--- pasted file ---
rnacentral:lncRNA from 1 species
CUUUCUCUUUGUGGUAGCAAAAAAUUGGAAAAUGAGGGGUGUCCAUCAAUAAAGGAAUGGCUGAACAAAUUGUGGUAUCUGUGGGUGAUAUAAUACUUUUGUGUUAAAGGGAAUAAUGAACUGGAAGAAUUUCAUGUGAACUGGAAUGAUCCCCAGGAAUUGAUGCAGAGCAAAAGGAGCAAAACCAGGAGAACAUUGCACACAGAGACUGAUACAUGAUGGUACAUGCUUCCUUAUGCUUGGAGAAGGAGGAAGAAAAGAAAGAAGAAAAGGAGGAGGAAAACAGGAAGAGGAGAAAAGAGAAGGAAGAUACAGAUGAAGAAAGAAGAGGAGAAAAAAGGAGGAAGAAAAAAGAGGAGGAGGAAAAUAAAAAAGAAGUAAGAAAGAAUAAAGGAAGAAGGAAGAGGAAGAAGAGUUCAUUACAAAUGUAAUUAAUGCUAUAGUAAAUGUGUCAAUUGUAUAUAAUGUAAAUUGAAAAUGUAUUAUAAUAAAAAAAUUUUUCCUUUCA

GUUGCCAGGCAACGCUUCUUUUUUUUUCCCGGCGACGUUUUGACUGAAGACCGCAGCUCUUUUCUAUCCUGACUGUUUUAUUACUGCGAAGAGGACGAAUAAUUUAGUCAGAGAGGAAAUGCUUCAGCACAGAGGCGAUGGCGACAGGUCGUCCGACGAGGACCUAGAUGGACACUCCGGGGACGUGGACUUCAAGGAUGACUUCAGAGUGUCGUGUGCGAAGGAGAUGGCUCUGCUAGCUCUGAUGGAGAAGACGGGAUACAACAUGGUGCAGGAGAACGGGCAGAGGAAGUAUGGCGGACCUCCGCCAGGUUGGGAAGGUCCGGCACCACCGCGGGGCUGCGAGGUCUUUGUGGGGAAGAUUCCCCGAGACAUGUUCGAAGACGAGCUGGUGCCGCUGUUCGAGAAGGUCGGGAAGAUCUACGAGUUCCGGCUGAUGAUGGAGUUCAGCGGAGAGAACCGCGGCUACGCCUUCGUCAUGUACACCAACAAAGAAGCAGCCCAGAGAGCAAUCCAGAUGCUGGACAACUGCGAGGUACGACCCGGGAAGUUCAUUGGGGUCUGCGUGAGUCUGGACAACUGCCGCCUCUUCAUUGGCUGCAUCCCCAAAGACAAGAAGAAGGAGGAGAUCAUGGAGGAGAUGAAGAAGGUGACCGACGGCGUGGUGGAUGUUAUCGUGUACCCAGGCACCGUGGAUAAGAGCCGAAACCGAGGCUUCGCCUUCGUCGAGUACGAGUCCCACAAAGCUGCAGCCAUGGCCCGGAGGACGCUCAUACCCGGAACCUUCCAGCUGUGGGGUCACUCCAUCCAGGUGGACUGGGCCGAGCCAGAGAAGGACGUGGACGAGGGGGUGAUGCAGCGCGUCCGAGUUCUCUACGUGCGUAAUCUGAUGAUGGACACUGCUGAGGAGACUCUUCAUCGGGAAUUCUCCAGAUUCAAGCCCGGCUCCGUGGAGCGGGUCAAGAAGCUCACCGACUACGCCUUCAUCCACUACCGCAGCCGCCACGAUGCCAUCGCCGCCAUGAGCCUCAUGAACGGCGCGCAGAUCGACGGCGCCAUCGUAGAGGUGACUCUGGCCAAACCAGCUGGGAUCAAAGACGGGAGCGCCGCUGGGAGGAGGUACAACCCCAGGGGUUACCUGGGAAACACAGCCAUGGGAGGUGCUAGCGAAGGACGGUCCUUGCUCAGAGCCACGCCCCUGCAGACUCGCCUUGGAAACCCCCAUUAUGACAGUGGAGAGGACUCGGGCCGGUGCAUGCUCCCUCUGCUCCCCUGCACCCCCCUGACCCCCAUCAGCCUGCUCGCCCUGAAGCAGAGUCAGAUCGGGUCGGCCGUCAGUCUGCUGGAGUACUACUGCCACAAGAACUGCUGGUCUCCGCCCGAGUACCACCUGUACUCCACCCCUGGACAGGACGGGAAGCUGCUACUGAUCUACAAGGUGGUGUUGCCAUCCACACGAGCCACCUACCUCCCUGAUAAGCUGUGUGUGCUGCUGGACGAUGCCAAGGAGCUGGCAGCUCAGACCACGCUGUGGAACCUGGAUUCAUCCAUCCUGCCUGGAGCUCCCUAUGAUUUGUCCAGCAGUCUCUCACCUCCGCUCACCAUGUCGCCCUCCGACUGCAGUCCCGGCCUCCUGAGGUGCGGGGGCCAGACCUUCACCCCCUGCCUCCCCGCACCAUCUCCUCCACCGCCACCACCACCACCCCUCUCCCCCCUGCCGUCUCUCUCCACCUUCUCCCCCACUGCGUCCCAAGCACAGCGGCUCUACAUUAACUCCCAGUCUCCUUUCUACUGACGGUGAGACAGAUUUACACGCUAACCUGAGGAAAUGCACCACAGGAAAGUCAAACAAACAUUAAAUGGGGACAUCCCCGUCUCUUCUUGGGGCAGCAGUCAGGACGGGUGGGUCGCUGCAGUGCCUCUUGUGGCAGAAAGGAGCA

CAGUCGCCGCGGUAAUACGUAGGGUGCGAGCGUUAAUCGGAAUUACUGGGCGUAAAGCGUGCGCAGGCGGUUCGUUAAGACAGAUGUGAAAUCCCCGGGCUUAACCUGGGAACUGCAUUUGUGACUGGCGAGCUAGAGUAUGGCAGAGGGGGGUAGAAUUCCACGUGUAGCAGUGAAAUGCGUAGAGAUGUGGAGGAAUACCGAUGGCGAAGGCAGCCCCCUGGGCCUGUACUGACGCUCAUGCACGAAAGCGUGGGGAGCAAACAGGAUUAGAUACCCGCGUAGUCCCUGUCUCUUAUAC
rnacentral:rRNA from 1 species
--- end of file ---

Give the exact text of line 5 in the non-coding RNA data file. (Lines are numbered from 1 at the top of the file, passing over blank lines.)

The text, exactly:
rnacentral:rRNA from 1 species